Smart Approaches to Marijuana (SAM), a Virginia-based prohibitionist group started in 2013, paid Mason-Dixon Polling & Strategy to conduct a poll on cannabis, and the findings reinforced just how out-of-touch the organization actually is.
When participants were asked how they felt about the federal prohibition, only 16 percent were satisfied with current legislation. Conversely, 29 percent supported legalizing medical cannabis (MMJ), and 49 percent wanted full legalization. An outlying five percent simply preferred decriminalization. SAM, of course, framed these statistics to serve an anti-cannabis agenda, saying that, "Support for non-legalization measures like decriminalization edges out support for full marijuana legalization."
Apparently SAM thinks five > forty-nine.
As one might expect, the South had the strongest stance against cannabis, but even Dixie preferred full legalization over prohibition by a 39-to-24 margin. Republicans, the political party long-associated with cannabis aversion, likewise preferred full (36 percent) or MMJ legalization (36 percent) over the status quo (26 percent). One might even argue the national percentages are skewed toward prohibition since nearly 20 percent of those polled described themselves as "very conservative" compared to eight-percent who were "very liberal."
The Pacific Coast—where residents have firsthand experience with full statewide legalization—had the highest rate of support for legal cannabis at 63 percent, compared to nine percent in favor of prohibition.
SAM mascot Kevin Sabet is infamous for reportedly lying to a forum at the Edward M. Kennedy Institute, holding up two bags of candy and claiming one was infused with cannabis. The Indiana native intended to show how similar the two bags looked, but an audience member stole both bags and lab-tested them for THC content—and neither had any trance of cannabis. So naturally, the Reefer Sanity author (yes, the book title is real) knows how to get creative in ways that don't represent reality. Case in point, the poll's awkwardly phrased second question: Would you support or oppose enforcement of federal marijuana laws if [they]did not involve penalties for possession and use of small amounts of marijuana?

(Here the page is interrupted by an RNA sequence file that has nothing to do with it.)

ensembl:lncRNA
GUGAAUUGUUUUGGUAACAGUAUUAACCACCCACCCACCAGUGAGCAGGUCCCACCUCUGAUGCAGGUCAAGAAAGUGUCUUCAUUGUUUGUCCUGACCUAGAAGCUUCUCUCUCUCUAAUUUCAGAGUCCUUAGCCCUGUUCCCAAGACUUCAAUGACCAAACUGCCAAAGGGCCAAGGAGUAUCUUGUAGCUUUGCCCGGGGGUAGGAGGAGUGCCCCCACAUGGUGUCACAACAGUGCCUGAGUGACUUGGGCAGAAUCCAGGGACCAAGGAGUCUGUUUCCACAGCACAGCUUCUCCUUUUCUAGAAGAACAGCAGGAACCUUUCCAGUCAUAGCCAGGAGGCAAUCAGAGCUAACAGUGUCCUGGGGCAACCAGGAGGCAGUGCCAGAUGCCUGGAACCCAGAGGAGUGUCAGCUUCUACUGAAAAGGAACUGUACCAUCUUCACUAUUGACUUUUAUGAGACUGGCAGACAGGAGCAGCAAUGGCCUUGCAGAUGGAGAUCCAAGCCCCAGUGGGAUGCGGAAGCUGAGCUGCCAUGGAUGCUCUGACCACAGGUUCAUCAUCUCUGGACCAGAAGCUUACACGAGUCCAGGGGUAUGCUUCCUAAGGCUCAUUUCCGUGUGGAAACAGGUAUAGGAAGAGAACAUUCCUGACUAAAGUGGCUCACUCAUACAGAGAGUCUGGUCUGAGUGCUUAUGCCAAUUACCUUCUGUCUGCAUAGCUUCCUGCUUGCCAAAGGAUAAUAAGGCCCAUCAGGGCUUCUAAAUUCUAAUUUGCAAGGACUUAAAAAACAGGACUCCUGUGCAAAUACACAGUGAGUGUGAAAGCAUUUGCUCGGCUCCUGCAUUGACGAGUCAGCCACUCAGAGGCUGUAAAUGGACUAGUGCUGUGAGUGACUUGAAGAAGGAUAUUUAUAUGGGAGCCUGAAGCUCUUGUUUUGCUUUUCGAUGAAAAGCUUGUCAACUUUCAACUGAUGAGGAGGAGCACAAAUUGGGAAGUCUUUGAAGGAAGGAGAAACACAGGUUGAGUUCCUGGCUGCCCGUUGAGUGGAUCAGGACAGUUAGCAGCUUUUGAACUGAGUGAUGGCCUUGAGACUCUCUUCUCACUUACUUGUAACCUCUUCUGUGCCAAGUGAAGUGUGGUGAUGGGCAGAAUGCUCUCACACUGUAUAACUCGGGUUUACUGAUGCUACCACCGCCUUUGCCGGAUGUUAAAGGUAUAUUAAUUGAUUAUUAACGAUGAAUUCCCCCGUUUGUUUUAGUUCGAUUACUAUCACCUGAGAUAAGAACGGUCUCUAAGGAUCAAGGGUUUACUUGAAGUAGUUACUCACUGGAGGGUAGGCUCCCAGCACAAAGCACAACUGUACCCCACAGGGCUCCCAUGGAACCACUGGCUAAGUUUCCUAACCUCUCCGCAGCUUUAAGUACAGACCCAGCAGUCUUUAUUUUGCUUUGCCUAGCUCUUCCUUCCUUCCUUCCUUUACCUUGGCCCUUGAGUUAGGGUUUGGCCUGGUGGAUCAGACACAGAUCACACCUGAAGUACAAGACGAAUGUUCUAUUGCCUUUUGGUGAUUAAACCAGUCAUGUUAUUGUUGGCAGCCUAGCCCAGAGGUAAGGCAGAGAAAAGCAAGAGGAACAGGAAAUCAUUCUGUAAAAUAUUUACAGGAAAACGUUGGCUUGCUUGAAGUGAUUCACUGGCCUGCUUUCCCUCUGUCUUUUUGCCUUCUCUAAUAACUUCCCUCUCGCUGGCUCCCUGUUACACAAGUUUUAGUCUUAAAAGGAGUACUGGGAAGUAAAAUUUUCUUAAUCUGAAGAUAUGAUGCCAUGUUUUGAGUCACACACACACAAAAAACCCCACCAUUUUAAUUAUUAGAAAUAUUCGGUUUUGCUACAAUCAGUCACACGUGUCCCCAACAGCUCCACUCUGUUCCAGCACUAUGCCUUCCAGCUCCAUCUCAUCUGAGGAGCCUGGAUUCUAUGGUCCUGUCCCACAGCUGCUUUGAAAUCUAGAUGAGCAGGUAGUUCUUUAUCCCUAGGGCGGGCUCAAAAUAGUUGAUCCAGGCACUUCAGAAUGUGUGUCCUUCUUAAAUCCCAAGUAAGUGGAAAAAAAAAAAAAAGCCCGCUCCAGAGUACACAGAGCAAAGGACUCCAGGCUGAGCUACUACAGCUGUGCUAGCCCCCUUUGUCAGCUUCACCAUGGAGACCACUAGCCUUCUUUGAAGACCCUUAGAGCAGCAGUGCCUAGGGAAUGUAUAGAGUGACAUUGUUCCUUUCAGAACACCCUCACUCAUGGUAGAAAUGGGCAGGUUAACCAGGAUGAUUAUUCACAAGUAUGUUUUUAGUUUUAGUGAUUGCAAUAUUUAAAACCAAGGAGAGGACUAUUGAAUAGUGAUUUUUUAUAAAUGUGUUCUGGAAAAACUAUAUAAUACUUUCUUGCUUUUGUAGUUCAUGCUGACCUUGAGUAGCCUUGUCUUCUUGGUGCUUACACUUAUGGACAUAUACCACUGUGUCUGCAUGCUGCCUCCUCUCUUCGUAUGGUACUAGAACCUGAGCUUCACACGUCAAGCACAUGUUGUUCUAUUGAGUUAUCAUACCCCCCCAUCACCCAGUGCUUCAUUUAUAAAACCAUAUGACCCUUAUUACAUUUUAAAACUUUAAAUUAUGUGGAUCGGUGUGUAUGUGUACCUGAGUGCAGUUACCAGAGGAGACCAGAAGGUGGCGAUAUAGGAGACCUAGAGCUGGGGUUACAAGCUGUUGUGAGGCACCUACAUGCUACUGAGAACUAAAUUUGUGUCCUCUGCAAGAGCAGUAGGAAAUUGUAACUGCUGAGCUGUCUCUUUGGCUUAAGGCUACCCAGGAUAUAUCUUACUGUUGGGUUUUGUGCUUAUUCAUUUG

The response: 50 percent supported decriminalization; 42 percent opposed it.
Decriminalization polled one-point higher in the second question than full legalization did in the first, which led to a disingenuous quote from Brad Coker of the conservative-leaning Mason-Dixon. The man with the name straight outta Narcos argued, "The country is almost evenly split on legalization. When people are given the choices of decriminalization, keeping marijuana illegal, or medical marijuana, cumulatively they slightly prefer these alternatives over legalization."
This statement is categorically false. Only the first question offered all these options, and when given the choice between full legalization, MMJ legalization, decriminalization and prohibition, the poll found that decriminalization came in dead last with only five-percent support. That's one-tenth the support that full legalization received.
Other polls conducted in the last nine months by Quinnipiac University, CBS News and the Pew Research Center all registered 61-percent support for full legalization, while Gallup saw support reach 64 percent. Even the SAM poll showed the highest level of support for legalization, which is obviously not the finding it wanted, but that didn't stop Sadet from describing his shit sandwich as "delicioso!"
"These results clearly indicate the oft-touted vast public support for marijuana legalization has a shakier foundation than marijuana investors would have you believe," said Sadet. "This should give pause to politicians and marijuana financiers alike."
Actually, what should give people pause is Sadet calling his group Smart.